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Not fixing a hole where the rain gets in…


Horridge (t/a Newford Parts Centre) v Downshire House (Reproductions) Ltd [2010] EWCA Civ 777

Continuing a brace of nuisance cases, we have this appeal from a split trial on liability on a nuisance claim. The properties involved are both commercial premises, but the principles and issues involved are equally applicable for residential properties.

Horridge (H) and Downshire House (D) occupied adjoining premises. H’s single storey building abutted D’s taller one such that H’s roof was supported but timber purlins set into the wall of D’s building. One of these purlins fell away from the wall, such that the roof subsided and pulled away from the wall, allowing water penetration into H’s premises, and damage to stock. The roof had to have substantial repairs. The failed purlin turned out to be suffering from wet rot.

H claimed against D on the basis that a downpipe on D’s premises had broken so that rainwater from the guttering discharged directly onto H’s roof at the point where the failed purlin was and that this had caused the purlin to suffer wet rot. D defended on the basis that H had failed to maintain his roof properly, particularly flashing to the edge of the roof at the affected point, prior to the collapse of the purlin and that the broken downpipe could not be shown to have caused the damage.

At the trial on liability in front of a Recorder, there were competing experts’ reports. These concurred that D’s wall above and below the roof line, was saturated due to the missing downpipe, but disagreed on the cause of the wet rot to the purlin. D’s expert maintained that but for the missing flashing, there would not have been sufficient water damage to the purlin, where H’s expert maintained that there would have been water damage to the purlin in any event and that the defective flashing may istelf have been caused by the flow of water onto that part of the roof. H, in cross examination, conceded that there had been water penetration, to a lesser degree to that area of the premises prior to the failure of the purlin and fall of the roof. The Recorder preferred the evidence of H’s expert, finding that the defective flashing was not as significant for the water affecting the purlin as D maintained. The downpipe had been missing since 1998, so there were many years of the water flow, and there were not defects to the roof in other areas unaffected by the water discharging onto it. Thus H had succeeded in establishing liability and to a degree, causation.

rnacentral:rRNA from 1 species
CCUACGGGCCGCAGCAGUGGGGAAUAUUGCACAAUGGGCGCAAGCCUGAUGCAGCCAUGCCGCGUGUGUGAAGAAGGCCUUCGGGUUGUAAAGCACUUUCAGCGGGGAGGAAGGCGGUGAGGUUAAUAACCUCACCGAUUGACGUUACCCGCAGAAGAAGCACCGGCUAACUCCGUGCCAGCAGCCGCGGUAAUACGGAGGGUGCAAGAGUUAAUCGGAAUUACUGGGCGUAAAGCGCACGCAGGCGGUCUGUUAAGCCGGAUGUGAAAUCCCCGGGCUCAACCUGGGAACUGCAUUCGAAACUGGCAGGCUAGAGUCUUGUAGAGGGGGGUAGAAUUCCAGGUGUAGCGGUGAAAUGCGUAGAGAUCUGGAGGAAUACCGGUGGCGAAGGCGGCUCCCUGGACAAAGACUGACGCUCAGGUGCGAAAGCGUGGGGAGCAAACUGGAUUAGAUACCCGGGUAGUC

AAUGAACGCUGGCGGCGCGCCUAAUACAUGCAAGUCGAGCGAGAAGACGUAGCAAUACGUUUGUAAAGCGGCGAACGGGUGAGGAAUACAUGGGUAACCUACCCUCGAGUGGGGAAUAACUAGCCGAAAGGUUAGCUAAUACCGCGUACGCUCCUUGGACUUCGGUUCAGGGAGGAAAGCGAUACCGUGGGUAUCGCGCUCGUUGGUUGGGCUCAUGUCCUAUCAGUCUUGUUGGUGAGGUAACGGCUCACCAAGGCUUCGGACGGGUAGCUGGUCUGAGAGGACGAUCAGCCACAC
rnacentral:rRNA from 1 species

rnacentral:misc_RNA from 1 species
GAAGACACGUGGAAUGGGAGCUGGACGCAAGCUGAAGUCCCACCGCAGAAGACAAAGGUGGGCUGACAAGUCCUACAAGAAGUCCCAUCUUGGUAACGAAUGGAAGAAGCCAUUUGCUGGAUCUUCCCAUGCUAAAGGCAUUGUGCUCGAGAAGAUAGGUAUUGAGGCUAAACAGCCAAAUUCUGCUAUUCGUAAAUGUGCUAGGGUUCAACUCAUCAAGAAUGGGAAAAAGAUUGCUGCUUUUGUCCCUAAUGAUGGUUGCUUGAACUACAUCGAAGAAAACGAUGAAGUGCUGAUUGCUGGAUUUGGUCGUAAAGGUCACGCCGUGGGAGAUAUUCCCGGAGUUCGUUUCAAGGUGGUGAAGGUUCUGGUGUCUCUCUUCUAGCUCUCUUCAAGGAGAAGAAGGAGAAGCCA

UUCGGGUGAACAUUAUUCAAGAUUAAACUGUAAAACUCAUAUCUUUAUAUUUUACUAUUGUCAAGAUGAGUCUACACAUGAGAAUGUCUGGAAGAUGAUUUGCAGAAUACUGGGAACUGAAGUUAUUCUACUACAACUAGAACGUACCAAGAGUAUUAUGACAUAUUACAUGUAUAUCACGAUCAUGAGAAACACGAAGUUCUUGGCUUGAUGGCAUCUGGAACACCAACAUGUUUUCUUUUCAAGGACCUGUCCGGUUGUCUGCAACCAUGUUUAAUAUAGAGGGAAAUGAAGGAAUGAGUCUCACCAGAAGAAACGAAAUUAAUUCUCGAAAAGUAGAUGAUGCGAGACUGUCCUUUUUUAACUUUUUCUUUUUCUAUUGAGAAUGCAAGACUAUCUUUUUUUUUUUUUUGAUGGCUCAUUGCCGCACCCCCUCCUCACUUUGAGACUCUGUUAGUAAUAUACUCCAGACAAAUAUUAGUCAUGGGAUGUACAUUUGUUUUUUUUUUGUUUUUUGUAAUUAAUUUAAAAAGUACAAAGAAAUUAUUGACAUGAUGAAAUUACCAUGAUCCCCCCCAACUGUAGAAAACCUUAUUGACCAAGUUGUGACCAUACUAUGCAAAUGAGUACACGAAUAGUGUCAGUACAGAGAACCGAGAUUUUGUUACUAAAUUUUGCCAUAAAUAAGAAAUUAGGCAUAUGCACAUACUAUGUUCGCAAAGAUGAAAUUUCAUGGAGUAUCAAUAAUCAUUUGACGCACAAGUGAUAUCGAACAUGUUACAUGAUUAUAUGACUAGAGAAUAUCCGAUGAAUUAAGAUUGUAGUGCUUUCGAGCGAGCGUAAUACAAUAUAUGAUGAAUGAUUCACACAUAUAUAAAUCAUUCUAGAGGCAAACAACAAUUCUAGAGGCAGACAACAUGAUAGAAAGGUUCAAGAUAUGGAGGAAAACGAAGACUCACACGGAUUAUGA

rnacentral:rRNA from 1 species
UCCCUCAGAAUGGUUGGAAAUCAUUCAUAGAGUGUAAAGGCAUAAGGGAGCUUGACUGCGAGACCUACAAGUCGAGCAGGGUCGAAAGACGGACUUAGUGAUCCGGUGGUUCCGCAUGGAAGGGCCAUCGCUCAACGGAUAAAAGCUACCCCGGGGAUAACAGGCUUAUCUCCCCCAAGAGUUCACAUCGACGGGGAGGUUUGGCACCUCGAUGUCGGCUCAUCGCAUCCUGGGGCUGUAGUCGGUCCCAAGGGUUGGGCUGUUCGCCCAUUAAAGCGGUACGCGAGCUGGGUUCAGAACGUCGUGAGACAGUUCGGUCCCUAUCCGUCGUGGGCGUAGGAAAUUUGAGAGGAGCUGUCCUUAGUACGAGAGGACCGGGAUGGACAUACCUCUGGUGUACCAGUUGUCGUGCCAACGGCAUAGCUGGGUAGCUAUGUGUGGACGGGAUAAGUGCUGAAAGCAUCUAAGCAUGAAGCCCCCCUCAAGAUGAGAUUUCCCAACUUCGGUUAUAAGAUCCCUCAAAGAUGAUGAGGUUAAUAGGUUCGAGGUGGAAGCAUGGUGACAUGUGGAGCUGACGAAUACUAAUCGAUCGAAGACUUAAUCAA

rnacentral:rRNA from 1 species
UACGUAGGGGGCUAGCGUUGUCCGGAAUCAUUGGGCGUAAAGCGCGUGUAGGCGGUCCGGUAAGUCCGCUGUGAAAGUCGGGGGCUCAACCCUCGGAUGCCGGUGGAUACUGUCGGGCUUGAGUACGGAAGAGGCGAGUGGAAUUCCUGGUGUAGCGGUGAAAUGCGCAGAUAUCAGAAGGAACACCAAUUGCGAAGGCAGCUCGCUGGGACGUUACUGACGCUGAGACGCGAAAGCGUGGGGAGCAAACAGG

D appealed on the grounds that the Recorder had not paid sufficient attention to H’s admission that there had been water penetration to that area prior to the failure of the purlin and therefore failed to find as he should that the nuisance was the only or principle cause of the damage.

This was vital to D’s case because D had not pleaded contributory negligence by H. In fact, D had simply denied the nuisance or that the nuisance caused the damage claimed. (There can be no claim for nuisance at common law without damage. At trial it was common ground that there was water discharge onto H’s roof and that this could consititute nuisance. The issue was whether the nuisance was the cause of the damage claimed). D’s case was thereby all or nothing. The Recorder is noted as referring to apportionment in the next stage of the trial on several ocasions, but as the Court of Appeal point out, there could be no basis for apportionment where there was no defence of contributory negligence.